Move-in Checklist: A Guide for Landlords and Tenants
Before new tenants start unpacking their boxes and settling into their new rental property, there is one very important document that needs to be completed, the move-in checklist. A move-in checklist, also called an apartment inspection checklist or a rental walkthrough checklist, is a document that allows the landlord and the tenant to state the current condition of the property and take note of any damages beyond normal wear and tear.
When written correctly, the checklist offers security to both tenants and landlords. As a tenant, it ensures that you won’t be charged for any damages or appliance failures you didn’t cause. As a landlord, the document can be used to prove that certain damages were done by the previous tenant and help keep the property in good condition. Whether you are renting in Louisville, KY, or a landlord in Phoenix, AZ, it’s important that you understand what a move-in checklist is and how to complete it.
Why do I need a move-in checklist?
The move-in checklist is a document landlords should provide to new tenants before they move into their new apartment. This checklist protects landlords and holds tenants responsible for any damages to the unit beyond the normal wear and tear. Making note of pre-existing damage can help minimize disputes between landlords and tenant-related to returning the security deposit.
The move-in checklist provides the same protection to a new tenant. It helps tenants evaluate and document the property’s condition before moving in. It ensures that landlords and property managers keep the units in good condition and helps hold previous tenants accountable for any damage they caused while living in the space. The checklist may also serve as a written record if there is ever a legal dispute in the future.
When a tenant is filling out the document they should remember to:
- Thoroughly assess the rental property’s condition and request repairs for any overlooked items
- Keep a copy of the move-in checklist. This way the tenant will have written evidence of the property’s original condition if the landlord tries to withhold all or part of the security deposit for previous damage evident when they moved in.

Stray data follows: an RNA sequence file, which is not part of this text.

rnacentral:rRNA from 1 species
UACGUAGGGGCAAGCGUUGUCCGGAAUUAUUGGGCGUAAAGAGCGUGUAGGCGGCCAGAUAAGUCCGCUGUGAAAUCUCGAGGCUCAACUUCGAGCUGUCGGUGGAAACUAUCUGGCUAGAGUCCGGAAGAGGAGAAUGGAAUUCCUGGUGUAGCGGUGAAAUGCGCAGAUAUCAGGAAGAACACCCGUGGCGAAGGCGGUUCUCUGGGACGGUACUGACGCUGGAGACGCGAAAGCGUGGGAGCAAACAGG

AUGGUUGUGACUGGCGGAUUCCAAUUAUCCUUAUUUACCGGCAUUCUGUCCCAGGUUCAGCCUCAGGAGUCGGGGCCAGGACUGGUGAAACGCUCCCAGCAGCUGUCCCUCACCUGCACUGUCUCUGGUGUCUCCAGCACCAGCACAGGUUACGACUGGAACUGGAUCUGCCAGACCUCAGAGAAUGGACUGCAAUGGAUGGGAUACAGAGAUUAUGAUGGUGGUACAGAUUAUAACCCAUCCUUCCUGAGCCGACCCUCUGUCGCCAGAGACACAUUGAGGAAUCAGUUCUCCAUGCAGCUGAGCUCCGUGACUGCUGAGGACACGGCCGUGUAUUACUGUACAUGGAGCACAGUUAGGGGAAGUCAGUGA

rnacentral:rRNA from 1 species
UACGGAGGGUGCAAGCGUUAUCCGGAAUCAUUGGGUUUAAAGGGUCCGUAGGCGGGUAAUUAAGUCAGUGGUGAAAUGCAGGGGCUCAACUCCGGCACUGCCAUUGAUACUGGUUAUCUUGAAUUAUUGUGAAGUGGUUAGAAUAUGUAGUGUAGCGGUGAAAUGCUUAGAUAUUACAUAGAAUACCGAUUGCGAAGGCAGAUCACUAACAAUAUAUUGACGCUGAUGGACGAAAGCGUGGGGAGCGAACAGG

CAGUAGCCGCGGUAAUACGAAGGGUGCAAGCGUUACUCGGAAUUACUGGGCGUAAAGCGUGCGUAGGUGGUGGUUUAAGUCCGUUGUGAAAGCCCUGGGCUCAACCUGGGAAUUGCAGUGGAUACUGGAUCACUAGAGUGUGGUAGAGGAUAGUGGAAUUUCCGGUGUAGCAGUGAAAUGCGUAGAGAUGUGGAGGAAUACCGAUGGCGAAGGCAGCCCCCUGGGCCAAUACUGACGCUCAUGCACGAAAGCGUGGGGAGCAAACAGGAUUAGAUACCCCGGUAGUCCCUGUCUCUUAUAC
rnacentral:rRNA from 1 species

What’s included in the move-in checklist?
The move-in checklist should include general information that applies to most types of properties but also items specific to the rental unit being leased. It should include:
Information about the tenant and property
The landlord should identify the rental property by address, unit, unit size, and move-in date. Include the tenant’s name and when the tenant completed the checklist. If they have rented a garage or parking spot, that should be identified as well.
The rest of the items should be filled out by the new tenant upon moving in.
Tenants should note the the condition of items found throughout the house or apartment, including:
- doors, hardware, and locks
- window coverings and blinds
- electrical outlets
Verify that fire alarms and smoke detectors are also in working order.
Check that all appliances included with the unit, such as the refrigerator, oven, dishwasher, range hood fan, and garbage disposal, are functioning normally. Ensure all lighting fixtures and electrical outlets are working and in good condition. Check the water flow and drainage from sinks and faucets to ensure the water pressure is adequate and there are no leaks from the pipes or fixtures.
If the unit has a dining room, assess the overall condition of the walls, ceilings, baseboards, and floor coverings. Ensure all electrical outlets have covers and light fixtures have bulbs and are working correctly.
Inspect the flooring for discoloration of the hardwood. Discoloration may indicate that the flooring requires additional refinishing and sealing or it may need to be replaced. Check the carpet for signs of excessive wear and tear from foot traffic or pets, such as matted-down sections, rips, or tears.
Verify that all window and door locks function properly and document the condition of window coverings. Open and close closet doors to be sure they close correctly. Look for any existing dents or holes in the walls behind each door. Ensure any built-in shelving is secure and not damaged.